Clash of Values

Armenian International Magazine (AIM) December 1998, Vol. 9, No. 12, p. 11

[Editorial by Hratch Tchilingirian

The West's patronizing, sometimes arrogant attitude has contributed to the frustration of groups who are tired of "transitions"

The World Council of Churches (WCC) which is celebrating its 50th anniversary this month (see page 62), has come under strong criticism-particularly since the collapse of the Soviet Union-by high ranking leaders of the Orthodox churches that follow the Byzantine tradition. Among them, Russian Patriarch Alexei II has warned that the continued participation of the Russian Orthodox Church in WCC will depend on the organization's "total reconstruction." The Russian Orthodox Church is the biggest in the WCC's 332 mainly Protestant (and leading Orthodox) member churches. The Georgian Orthodox Church has already withdrawn its membership and the Bulgarian Orthodox Church is expected to withdraw this month.

In accordance with their theological and dogmatic traditions, many Orthodox leaders have described the WCC's activities as too Protestant, and too heavily influenced by what they believe to be a liberal Western agenda. They claim that theological teachings and moral injunctions have been discarded by a number of Protestant churches which seemingly impose their "altered principles" on other WCC members. WCC's overall unity is further threatened by the campaign of many ultra conservatives within the Byzantine Orthodox churches who advocate that all ties with ecumenical bodies should be cut. More moderate circles have preferred a policy of constructive criticism over complete secession. The West's patronizing, at times arrogant, we-know-and-do-better attitude toward the East and the South has also contributed to the frustration of groups who are tired of "transitions" in their societies.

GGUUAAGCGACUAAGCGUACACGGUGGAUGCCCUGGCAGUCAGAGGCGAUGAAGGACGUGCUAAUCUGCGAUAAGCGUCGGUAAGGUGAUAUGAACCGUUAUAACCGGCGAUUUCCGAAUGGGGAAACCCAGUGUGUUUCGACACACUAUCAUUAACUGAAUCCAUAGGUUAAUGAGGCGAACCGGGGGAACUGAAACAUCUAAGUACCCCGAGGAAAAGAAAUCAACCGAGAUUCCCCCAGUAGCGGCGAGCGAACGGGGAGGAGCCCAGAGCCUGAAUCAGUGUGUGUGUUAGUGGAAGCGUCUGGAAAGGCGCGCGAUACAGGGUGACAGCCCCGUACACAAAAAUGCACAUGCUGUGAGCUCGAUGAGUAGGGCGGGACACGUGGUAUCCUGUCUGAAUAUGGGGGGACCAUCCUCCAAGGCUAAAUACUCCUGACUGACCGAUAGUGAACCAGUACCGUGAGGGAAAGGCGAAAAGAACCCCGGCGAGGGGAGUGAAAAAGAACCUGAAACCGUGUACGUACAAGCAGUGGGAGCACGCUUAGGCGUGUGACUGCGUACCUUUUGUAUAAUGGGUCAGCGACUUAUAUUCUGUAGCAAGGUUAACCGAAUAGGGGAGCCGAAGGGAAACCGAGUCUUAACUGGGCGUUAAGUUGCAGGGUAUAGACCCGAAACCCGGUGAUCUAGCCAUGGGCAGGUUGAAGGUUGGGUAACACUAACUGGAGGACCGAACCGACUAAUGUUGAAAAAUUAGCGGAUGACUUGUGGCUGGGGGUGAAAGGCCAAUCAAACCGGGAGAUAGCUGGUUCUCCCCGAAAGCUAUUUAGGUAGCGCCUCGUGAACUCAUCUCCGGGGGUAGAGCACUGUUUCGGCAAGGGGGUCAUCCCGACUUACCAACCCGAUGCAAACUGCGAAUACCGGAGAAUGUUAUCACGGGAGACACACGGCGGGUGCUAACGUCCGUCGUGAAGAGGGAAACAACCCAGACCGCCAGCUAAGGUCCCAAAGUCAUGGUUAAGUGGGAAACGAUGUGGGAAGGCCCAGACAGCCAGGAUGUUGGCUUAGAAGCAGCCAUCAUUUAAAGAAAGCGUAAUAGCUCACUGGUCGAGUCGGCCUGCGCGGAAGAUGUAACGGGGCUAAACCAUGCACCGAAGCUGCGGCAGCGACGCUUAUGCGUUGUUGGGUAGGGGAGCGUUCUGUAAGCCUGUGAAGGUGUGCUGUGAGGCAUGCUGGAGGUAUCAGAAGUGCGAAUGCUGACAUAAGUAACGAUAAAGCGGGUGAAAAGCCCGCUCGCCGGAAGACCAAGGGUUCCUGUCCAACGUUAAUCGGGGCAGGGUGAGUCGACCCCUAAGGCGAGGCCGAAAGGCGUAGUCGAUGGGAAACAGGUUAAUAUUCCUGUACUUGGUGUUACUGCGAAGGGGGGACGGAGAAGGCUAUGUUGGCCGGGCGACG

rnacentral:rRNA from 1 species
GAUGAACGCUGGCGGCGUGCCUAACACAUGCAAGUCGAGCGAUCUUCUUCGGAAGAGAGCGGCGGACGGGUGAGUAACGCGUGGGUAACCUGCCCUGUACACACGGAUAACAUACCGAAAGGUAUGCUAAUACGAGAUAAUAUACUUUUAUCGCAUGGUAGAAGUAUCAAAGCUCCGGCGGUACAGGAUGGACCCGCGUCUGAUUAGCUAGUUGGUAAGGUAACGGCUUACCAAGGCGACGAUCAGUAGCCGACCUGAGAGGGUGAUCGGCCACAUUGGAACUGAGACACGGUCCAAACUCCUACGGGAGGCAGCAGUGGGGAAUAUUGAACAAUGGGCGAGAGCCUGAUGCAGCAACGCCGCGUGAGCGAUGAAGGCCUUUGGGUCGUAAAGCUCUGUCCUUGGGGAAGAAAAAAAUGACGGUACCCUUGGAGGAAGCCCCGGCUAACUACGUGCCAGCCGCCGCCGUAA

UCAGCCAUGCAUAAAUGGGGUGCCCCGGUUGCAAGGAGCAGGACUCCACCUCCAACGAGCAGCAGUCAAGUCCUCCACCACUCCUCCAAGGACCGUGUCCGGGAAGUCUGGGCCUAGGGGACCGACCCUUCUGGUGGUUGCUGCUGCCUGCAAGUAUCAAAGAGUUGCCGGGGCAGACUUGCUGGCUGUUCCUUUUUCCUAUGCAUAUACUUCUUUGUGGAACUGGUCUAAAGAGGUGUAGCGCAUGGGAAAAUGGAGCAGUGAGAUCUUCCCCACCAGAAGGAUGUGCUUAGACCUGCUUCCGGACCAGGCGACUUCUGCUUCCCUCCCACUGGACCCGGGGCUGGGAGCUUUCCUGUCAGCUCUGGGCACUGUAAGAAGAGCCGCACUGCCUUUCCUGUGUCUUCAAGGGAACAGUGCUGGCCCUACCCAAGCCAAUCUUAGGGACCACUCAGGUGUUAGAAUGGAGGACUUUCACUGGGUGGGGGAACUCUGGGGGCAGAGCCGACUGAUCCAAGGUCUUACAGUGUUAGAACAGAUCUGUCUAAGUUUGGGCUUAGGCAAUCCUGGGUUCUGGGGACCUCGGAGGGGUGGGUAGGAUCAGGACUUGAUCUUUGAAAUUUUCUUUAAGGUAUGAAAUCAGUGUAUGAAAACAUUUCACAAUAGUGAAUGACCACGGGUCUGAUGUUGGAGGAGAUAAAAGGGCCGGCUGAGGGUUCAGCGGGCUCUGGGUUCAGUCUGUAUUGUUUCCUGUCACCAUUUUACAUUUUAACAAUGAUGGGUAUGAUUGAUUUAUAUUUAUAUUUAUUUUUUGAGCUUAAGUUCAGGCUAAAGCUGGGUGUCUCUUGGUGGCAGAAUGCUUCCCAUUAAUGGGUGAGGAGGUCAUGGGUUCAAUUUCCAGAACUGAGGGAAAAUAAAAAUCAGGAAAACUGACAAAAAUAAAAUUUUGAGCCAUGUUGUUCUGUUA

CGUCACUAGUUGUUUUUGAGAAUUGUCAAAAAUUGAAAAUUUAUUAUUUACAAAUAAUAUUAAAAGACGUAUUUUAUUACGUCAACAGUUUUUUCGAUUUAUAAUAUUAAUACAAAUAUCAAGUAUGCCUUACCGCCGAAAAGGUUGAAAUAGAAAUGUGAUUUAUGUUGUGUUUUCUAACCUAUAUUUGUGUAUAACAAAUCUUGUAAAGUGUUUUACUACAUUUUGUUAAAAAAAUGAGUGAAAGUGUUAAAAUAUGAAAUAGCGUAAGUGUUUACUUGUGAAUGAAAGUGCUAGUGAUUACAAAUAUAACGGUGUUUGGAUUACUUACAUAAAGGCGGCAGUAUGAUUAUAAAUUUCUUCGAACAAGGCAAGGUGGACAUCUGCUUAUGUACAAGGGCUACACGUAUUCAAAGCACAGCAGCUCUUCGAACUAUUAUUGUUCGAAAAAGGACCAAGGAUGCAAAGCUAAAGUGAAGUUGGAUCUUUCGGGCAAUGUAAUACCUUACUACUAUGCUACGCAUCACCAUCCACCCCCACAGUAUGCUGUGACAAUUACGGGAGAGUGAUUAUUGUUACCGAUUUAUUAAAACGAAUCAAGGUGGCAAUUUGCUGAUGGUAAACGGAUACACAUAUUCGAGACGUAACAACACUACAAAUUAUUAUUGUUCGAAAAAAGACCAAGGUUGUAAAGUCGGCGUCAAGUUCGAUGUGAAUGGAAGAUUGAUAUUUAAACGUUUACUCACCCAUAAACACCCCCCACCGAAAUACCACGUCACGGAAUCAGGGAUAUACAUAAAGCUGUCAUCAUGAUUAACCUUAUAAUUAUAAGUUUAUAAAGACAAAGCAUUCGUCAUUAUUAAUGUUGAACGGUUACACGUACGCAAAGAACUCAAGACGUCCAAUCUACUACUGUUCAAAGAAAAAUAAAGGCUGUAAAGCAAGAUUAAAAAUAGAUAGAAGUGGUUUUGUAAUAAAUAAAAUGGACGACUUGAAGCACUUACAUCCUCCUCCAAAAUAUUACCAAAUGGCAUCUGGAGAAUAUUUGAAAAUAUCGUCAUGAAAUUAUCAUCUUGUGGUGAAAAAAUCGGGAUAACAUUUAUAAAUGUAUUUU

While WCC is undergoing a restructuring process to make the organization more efficient and its operations more transparent, the protracted dispute among member churches over "right faith" and "right practice" point to several significant developments.

During the Cold War, membership in the multinational church organization provided legitimacy and respite to churches which were under constant pressure behind the Iron Curtain. To many, the WCC provided their only link to the outside world. Theological and dogmatic differences were overlooked or tolerated in return for the recognition and institutional legitimacy that WCC membership granted.

However, when the floodgates of pluralism opened after the collapse of communism, national churches faced one of the greatest challenges of their institutional life: the influx of new religious movements-as cults and western-based Evangelical groups are politely called. What was a matter of theological differences among Christians, became a matter of "national security" in the former Soviet space-the preservation of the "authentic" religious and moral identity of the nation. Another dimension of this process is the jurisdictional and religious territorial disputes among, for example, the Russian Orthodox and the Roman Catholic churches. (Russian Patriarch Alexei has repeatedly refused to meet Pope John Paul II until Ukraine's revived Greek Catholic church ceases its "disgraceful discrimination and persecution" of Orthodox Christians). Such disputes were unthinkable a mere decade ago when the state dictated every aspect of secular and religious life.

The political and physical liberation of national churches from the claws of the state has been a mixed blessing. On the one hand they have been accorded freedom and legal privileges to conduct their ministry, on the other hand, as centuries-old national institutions, they have been left to compete for souls with smaller, and largely foreign, denominations and religious groups.

Like other multinational organizations (UN, OSCE, CIS), the WCC in general and national churches in particular are challenged to take a look in the global mirror. While globalization of the economy, mass media and technology may have many positive affects, the "globalization of problems," as renown theologian Hans Kung puts it, calls for "global ethics," a necessary "minimum of values." But who shall decide? There is always room for specialists or interest groups to fight over dogmas and anachronistic issues, but reading the "signs of the times" in our shrinking world seems more of an urgent matter for the spiritual and moral well-being of society than asserting and reenforcing differences.

Hratch Tchilingirian
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